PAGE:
The latest race news from the race
On a strategic level, this Transat Jacques Vabre Normandie Le Havre is fascinating. A magnificent glide through the Channel, then a division of the fleet never seen so soon before in Atlantic in fourteen previous editions, and now voilà! the fleet is coming back together at all levels. The leaders in the Class40 are back, temporarily you would think, in a peleton with the six IMOCA “Westerners”, whilst those at the head of the fleet are accelerating and could extend their lead. It would be brave or clever forecaster who could list the true order of the fleet at the entrance to the doldrums (in red on the map below), and even braver to bet on those order coming out.
The Doldrums are often the decisive section of the Route du Café. Once they have crossed this area where the trade winds of each hemisphere form a large zone of uncertainty, the last stretch to Salvador de Bahia is certainly not a formality, but its harder to overtake those in front. “Looking today, the Doldrums are a real mess, but it should be clearer for leaders on Monday!” promised Richard Silvani from Météo France said. Stretching, in theory, as high as 7° North, the best entry point - 27° 30 West - is still a long way for the skippers, about 1,000 miles for the leaders ,who should reach it overnight from Monday to Tuesday. That means several more manoeuvres west.
What happens next?
In Multi 50, the course of Solidaires in Peloton ARSEPis astonishing. Did Thibault Vauchel-Camus have a technical problem that prevented them from gybing before the Canaries so they could reposition west? Should we assume their passage through the middle of the archipelago follows a difficult passage of the ridge of high pressure? They will have to make lots of little shifts to get west new and not relieve the pressure on a smiling Groupe GCA.
In the IMOCA, the leaders' are in a pure speed race now. In this area, Jérémie Beyou and Christopher Pratt (Charal) are putting enormous pressure on the fleet. They have demonstrated their mastery of the flight in their new foiler, acquired during long training sessions this year, and are easily making 1.5 knots than Apivia. The gap has grown from 10 miles last night, to 34 miles by the 08:00 UTC ranking.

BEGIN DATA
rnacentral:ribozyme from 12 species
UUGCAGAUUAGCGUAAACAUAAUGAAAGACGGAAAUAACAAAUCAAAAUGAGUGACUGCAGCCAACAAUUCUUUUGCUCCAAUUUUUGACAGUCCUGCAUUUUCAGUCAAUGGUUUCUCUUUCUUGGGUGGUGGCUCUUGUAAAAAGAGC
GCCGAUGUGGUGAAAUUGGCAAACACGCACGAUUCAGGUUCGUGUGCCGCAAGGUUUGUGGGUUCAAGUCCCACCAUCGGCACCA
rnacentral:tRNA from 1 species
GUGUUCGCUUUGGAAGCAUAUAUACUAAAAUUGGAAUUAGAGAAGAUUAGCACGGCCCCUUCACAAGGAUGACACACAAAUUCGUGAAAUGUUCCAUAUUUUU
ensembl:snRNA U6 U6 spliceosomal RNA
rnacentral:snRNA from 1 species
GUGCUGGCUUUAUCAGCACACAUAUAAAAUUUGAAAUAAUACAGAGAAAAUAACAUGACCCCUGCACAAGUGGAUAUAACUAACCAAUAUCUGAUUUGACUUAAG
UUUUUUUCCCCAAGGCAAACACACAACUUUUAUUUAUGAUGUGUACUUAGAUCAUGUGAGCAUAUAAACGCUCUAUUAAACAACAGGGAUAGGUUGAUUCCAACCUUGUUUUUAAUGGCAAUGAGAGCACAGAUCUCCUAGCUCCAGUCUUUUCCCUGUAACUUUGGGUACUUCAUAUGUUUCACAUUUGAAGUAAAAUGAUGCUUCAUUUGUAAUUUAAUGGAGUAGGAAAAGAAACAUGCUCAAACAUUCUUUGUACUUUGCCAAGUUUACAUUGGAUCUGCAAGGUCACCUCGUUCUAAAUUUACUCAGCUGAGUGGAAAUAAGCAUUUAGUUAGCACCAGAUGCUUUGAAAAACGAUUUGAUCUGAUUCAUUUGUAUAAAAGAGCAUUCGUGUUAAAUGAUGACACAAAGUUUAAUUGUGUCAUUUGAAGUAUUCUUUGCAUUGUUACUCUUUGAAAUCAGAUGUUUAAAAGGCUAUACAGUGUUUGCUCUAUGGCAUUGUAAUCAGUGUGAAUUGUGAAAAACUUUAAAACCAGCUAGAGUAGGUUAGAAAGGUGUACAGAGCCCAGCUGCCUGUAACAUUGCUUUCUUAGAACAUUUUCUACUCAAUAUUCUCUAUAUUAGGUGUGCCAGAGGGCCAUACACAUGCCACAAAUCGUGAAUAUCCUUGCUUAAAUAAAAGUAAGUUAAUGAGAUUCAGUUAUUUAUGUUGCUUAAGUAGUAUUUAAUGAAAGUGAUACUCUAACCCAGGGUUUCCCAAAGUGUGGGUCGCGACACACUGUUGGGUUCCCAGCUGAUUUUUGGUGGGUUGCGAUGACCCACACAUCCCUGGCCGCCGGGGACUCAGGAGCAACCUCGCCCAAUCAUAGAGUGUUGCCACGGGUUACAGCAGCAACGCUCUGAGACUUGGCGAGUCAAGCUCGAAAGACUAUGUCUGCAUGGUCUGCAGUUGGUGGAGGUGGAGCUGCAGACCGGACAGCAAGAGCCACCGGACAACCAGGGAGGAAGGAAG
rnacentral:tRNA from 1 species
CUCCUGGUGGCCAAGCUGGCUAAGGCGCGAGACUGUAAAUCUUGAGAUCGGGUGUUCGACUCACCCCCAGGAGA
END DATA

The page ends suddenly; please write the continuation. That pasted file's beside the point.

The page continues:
The fleet is already stretching, with 100 miles between the first and the eighth IMOCA. But the older boats behind may still have a say. 11th Hour Racing, being pushed hard by the American skipper, Charlie Enright, and French co-skipper, Pascal Bidegorry, has flown into third, rising three places today and is only 30 miles behind Apivia. At the 11:00 UTC ranking, 11thHour Racing had recorded the best 24 hours in the fleet – 325.5 miles (beating Charalby the less than a mile). Britain’s Sam Davies on Initiatives-Cœur,had dropped to eighth, partly as a result of their frightening-sounding wipeout earlier, but also because they have positioned west earlier.
The faster performances by the older boats are also the result of higher risk taking. While the foilers are flying with a gennaker, the older IMOCA are probably flying spinnakers with 400 square meters of Nylon billowing out in front of the bow, watch out for the wipeouts! At these speeds, they are expensive, as Davies testified in her message of the night.
In Class40, Crédit Mutuelthe most westerly, has taken and gradually the lead during the day. Britain’s Sam Goodchild on Leyton, had moved into second past Aïna Enfance and Avenirat the 11:00 UTC and we can expect an exciting match in the trade winds between the top eight who are separated by 65 miles. The old-generation Class40s, such as Made in Midi, are likely to struggle to keep pace in the big downwinds, but the leader at Doldrums will also be the one who has kept his sailing wardrobe intact.